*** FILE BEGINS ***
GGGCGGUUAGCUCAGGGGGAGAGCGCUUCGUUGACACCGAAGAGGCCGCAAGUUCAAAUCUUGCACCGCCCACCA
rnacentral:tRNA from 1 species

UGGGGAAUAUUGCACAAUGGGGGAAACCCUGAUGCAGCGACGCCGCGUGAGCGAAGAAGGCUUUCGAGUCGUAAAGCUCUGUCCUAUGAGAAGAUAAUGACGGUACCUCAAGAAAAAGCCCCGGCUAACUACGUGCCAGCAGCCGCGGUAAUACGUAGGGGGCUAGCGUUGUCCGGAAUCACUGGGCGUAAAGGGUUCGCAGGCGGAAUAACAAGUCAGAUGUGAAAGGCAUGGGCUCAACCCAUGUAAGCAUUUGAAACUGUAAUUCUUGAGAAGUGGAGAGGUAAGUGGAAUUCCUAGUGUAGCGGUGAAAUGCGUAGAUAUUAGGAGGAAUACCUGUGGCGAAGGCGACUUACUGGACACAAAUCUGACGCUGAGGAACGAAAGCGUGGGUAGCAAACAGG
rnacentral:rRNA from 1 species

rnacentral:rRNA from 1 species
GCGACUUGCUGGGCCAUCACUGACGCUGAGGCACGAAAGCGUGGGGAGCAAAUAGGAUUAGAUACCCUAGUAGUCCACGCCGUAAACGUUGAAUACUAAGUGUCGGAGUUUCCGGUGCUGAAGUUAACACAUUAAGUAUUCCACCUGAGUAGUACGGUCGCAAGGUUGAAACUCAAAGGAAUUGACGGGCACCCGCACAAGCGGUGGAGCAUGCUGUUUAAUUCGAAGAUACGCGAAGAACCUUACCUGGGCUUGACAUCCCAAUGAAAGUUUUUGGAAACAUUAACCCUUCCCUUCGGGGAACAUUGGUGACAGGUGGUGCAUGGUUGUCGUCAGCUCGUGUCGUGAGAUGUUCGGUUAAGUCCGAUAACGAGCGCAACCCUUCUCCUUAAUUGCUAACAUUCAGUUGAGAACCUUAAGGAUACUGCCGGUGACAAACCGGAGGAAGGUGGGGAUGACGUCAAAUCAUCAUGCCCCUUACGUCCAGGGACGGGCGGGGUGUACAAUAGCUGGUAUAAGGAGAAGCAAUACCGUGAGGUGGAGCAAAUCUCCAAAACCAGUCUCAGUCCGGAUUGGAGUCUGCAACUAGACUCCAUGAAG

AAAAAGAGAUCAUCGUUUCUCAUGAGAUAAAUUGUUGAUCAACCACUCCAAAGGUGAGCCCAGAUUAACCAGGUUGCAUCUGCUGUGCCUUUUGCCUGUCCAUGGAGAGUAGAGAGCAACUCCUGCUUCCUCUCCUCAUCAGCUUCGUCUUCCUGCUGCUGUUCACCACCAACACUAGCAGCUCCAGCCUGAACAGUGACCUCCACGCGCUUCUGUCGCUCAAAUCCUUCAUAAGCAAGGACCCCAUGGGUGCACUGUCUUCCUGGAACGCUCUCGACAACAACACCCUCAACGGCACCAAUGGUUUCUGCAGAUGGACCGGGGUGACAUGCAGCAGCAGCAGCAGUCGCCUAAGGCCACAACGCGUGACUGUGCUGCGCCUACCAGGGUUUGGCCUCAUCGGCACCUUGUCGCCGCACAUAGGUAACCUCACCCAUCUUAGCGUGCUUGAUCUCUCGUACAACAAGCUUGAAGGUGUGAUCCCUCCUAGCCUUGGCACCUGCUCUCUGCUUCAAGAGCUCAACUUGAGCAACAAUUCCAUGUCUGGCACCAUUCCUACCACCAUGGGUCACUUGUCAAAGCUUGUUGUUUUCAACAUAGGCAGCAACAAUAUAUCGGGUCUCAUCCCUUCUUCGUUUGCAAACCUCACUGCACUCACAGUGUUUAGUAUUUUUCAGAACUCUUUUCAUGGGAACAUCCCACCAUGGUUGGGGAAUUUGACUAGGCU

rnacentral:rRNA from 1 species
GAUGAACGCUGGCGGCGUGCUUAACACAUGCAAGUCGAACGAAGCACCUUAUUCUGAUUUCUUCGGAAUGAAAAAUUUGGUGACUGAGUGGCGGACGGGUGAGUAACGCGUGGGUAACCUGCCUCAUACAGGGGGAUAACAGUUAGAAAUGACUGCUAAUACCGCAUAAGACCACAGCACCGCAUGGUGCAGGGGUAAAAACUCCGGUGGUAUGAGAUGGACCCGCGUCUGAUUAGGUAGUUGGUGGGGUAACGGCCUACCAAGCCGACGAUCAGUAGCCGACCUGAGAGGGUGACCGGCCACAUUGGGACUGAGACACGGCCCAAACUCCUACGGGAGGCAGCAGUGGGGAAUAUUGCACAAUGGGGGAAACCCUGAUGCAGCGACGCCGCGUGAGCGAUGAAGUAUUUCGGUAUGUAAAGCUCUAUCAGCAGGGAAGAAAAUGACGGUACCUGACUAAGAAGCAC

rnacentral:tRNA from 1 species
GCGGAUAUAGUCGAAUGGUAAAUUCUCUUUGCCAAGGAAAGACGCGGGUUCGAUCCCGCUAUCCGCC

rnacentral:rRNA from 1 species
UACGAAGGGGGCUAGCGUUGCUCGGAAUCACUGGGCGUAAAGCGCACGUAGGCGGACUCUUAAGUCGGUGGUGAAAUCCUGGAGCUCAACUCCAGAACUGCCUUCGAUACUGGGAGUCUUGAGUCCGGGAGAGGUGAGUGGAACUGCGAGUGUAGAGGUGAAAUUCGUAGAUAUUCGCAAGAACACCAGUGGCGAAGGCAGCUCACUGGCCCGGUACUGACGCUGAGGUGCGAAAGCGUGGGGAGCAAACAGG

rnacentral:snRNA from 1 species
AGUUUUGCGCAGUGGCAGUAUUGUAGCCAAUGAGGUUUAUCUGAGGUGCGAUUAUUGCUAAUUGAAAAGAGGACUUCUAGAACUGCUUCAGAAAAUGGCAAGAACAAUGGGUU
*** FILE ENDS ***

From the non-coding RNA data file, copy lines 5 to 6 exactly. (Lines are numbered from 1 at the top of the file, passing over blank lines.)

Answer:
rnacentral:rRNA from 1 species
GCGACUUGCUGGGCCAUCACUGACGCUGAGGCACGAAAGCGUGGGGAGCAAAUAGGAUUAGAUACCCUAGUAGUCCACGCCGUAAACGUUGAAUACUAAGUGUCGGAGUUUCCGGUGCUGAAGUUAACACAUUAAGUAUUCCACCUGAGUAGUACGGUCGCAAGGUUGAAACUCAAAGGAAUUGACGGGCACCCGCACAAGCGGUGGAGCAUGCUGUUUAAUUCGAAGAUACGCGAAGAACCUUACCUGGGCUUGACAUCCCAAUGAAAGUUUUUGGAAACAUUAACCCUUCCCUUCGGGGAACAUUGGUGACAGGUGGUGCAUGGUUGUCGUCAGCUCGUGUCGUGAGAUGUUCGGUUAAGUCCGAUAACGAGCGCAACCCUUCUCCUUAAUUGCUAACAUUCAGUUGAGAACCUUAAGGAUACUGCCGGUGACAAACCGGAGGAAGGUGGGGAUGACGUCAAAUCAUCAUGCCCCUUACGUCCAGGGACGGGCGGGGUGUACAAUAGCUGGUAUAAGGAGAAGCAAUACCGUGAGGUGGAGCAAAUCUCCAAAACCAGUCUCAGUCCGGAUUGGAGUCUGCAACUAGACUCCAUGAAG